LOS ANGELES (Reuters) - California's octuplets mom has told television therapist Dr. Phil McGraw that she fears not being allowed to take her newborns home from the hospital until she proves that she has the means to care for them.
McGraw, host of a nationally syndicated self-help show, told the Los Angeles Times in an interview published on Wednesday that Nadya Suleman shared her concerns with him in a telephone conversation a day earlier.
Suleman has become a lightning rod for public ridicule since it was learned that she already was a jobless, divorced mother of six living in her own mother's three-bedroom house when she gave birth January 26 to octuplets conceived through in vitro fertilization.
Suleman, 33, also has acknowledged that she was collecting food stamps and disability benefits for three of her older kids, one of whom is autistic, and that a single "friend" was the sperm donor for all her children.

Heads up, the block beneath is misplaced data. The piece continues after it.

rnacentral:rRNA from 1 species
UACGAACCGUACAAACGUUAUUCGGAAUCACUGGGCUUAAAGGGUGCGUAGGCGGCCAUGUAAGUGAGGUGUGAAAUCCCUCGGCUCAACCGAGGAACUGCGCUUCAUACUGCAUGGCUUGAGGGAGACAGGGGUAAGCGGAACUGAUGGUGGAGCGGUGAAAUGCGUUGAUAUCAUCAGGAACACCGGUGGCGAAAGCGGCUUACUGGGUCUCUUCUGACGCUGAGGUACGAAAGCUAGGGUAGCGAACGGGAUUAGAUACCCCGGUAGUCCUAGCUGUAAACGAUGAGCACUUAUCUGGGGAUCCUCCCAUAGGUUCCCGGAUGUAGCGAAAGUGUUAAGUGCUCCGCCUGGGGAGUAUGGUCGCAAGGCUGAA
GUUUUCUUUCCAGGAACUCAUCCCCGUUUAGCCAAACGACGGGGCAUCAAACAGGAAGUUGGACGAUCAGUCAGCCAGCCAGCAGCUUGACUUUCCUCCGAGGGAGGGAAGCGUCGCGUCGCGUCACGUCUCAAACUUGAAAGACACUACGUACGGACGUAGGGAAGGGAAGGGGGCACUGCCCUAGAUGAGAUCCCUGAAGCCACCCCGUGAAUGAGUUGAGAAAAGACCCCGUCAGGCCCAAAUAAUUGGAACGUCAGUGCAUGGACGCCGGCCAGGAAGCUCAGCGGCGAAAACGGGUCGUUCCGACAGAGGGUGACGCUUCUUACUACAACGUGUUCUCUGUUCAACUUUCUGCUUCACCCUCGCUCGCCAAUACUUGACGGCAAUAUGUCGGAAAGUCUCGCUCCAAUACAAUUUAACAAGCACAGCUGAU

The public backlash grew so intense at one point that Suleman and her six older children, ranging in age from 2 to 7, went into seclusion because of death threats, according to a publicity firm previously hired by the family.
McGraw said Suleman called him on Tuesday afternoon, upset after she had spoken with officials at the suburban Los Angeles Kaiser Permanente Medical Centre where the octuplets, born 9-1/2 weeks premature, remain in a neonatal care unit.
"What she is telling me is that unless and until she has a better living arrangement, that they are not likely to release the children to her," the Times quoted McGraw as saying.
He added that according to Suleman, hospital authorities had some concerns about her "ability to care for the children," but he did not have details about those concerns or what standards she might not be meeting, the Times reported.
McGraw already had interviewed Suleman last week for two segments scheduled to air on his show this Wednesday and Thursday. A show spokeswoman said those interviews did not address the issue Suleman discussed with McGraw this week.
Kaiser Permanente officials declined to comment on Suleman's case, citing privacy rules.